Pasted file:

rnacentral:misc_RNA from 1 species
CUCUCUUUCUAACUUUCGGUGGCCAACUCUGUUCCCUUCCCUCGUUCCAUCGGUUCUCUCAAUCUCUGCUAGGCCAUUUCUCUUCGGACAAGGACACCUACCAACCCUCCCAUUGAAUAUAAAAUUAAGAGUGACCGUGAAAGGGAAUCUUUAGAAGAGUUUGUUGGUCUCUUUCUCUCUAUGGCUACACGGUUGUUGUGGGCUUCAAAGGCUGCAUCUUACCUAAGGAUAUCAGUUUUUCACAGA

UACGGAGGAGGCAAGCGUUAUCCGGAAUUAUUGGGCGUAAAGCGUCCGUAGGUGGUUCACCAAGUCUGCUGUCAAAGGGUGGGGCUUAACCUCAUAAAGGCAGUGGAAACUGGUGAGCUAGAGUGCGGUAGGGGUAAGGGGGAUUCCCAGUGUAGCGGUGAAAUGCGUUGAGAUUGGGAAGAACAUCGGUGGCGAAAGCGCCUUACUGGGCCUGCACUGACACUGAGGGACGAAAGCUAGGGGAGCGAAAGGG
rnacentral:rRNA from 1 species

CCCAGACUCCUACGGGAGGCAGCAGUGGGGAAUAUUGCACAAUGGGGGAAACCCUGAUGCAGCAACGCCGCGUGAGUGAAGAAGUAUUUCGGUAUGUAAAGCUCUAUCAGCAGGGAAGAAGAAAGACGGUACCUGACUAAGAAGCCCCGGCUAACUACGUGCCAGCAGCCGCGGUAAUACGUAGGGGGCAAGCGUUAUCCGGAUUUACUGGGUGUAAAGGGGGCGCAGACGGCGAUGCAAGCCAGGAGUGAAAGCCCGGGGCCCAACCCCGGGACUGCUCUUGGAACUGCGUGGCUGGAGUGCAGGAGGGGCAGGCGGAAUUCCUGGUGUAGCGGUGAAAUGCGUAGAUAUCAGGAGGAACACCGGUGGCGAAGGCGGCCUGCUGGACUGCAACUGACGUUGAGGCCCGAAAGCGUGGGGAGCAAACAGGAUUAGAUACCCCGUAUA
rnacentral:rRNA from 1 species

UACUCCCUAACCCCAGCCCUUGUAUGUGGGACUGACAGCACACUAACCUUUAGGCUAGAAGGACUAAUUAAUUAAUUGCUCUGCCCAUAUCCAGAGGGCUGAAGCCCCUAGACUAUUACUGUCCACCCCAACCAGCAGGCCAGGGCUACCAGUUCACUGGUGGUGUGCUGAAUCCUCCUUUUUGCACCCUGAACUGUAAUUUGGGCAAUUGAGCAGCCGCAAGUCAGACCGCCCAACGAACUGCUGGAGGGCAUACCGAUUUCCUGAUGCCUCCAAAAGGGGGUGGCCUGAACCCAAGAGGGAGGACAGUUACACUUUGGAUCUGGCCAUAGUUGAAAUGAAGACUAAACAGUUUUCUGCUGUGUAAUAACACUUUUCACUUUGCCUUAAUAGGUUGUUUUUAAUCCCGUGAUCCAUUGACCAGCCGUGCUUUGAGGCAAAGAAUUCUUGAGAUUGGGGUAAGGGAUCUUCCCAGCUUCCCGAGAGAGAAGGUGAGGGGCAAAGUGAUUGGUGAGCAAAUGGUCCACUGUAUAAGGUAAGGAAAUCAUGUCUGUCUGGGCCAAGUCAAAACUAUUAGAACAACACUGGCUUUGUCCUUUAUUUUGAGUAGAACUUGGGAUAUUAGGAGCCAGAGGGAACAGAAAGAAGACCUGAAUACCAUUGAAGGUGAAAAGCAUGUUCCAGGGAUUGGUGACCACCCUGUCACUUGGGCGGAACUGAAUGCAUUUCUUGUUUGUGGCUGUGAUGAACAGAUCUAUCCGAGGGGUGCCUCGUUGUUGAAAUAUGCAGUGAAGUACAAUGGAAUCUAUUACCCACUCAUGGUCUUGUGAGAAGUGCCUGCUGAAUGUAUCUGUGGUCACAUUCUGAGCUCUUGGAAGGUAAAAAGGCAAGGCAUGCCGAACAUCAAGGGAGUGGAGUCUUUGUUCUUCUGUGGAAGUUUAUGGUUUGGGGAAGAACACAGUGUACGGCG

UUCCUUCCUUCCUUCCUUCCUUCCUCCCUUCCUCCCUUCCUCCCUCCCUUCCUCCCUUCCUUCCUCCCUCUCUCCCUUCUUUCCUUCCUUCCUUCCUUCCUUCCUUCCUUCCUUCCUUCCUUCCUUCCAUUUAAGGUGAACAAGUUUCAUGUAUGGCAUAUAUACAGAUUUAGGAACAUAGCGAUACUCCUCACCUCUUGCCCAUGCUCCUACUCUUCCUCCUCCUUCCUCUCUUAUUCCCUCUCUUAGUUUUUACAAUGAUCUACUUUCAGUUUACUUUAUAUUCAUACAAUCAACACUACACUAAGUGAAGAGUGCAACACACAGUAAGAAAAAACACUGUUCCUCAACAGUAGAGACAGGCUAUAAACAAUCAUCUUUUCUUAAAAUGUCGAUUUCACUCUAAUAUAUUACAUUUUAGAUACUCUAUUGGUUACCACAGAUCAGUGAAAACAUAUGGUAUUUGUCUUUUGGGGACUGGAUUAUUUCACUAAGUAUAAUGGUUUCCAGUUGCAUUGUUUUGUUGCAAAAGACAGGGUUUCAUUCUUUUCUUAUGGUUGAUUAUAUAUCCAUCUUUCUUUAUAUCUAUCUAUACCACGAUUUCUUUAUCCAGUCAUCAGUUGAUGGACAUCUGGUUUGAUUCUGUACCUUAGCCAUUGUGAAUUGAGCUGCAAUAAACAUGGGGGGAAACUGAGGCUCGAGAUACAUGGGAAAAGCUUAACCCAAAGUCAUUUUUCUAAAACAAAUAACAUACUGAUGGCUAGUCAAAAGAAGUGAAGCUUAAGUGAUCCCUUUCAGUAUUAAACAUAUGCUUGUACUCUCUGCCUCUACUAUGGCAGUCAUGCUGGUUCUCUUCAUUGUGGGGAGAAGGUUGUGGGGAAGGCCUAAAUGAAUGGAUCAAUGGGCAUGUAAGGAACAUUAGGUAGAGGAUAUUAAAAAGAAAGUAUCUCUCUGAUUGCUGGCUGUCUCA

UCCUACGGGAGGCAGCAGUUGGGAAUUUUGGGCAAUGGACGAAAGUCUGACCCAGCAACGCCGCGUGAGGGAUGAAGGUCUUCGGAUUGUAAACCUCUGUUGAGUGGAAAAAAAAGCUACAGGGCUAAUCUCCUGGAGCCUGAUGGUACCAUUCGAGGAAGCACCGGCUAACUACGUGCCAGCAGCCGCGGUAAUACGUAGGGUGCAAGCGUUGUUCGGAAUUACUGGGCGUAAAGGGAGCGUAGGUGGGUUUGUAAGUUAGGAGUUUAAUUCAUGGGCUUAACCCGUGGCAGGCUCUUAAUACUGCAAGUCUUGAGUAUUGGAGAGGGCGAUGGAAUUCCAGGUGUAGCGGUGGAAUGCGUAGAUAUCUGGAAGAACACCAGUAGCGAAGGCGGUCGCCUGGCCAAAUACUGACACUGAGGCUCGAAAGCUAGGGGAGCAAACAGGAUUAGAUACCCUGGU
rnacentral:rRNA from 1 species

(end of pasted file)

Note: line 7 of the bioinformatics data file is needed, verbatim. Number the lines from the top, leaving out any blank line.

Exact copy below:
UACUCCCUAACCCCAGCCCUUGUAUGUGGGACUGACAGCACACUAACCUUUAGGCUAGAAGGACUAAUUAAUUAAUUGCUCUGCCCAUAUCCAGAGGGCUGAAGCCCCUAGACUAUUACUGUCCACCCCAACCAGCAGGCCAGGGCUACCAGUUCACUGGUGGUGUGCUGAAUCCUCCUUUUUGCACCCUGAACUGUAAUUUGGGCAAUUGAGCAGCCGCAAGUCAGACCGCCCAACGAACUGCUGGAGGGCAUACCGAUUUCCUGAUGCCUCCAAAAGGGGGUGGCCUGAACCCAAGAGGGAGGACAGUUACACUUUGGAUCUGGCCAUAGUUGAAAUGAAGACUAAACAGUUUUCUGCUGUGUAAUAACACUUUUCACUUUGCCUUAAUAGGUUGUUUUUAAUCCCGUGAUCCAUUGACCAGCCGUGCUUUGAGGCAAAGAAUUCUUGAGAUUGGGGUAAGGGAUCUUCCCAGCUUCCCGAGAGAGAAGGUGAGGGGCAAAGUGAUUGGUGAGCAAAUGGUCCACUGUAUAAGGUAAGGAAAUCAUGUCUGUCUGGGCCAAGUCAAAACUAUUAGAACAACACUGGCUUUGUCCUUUAUUUUGAGUAGAACUUGGGAUAUUAGGAGCCAGAGGGAACAGAAAGAAGACCUGAAUACCAUUGAAGGUGAAAAGCAUGUUCCAGGGAUUGGUGACCACCCUGUCACUUGGGCGGAACUGAAUGCAUUUCUUGUUUGUGGCUGUGAUGAACAGAUCUAUCCGAGGGGUGCCUCGUUGUUGAAAUAUGCAGUGAAGUACAAUGGAAUCUAUUACCCACUCAUGGUCUUGUGAGAAGUGCCUGCUGAAUGUAUCUGUGGUCACAUUCUGAGCUCUUGGAAGGUAAAAAGGCAAGGCAUGCCGAACAUCAAGGGAGUGGAGUCUUUGUUCUUCUGUGGAAGUUUAUGGUUUGGGGAAGAACACAGUGUACGGCG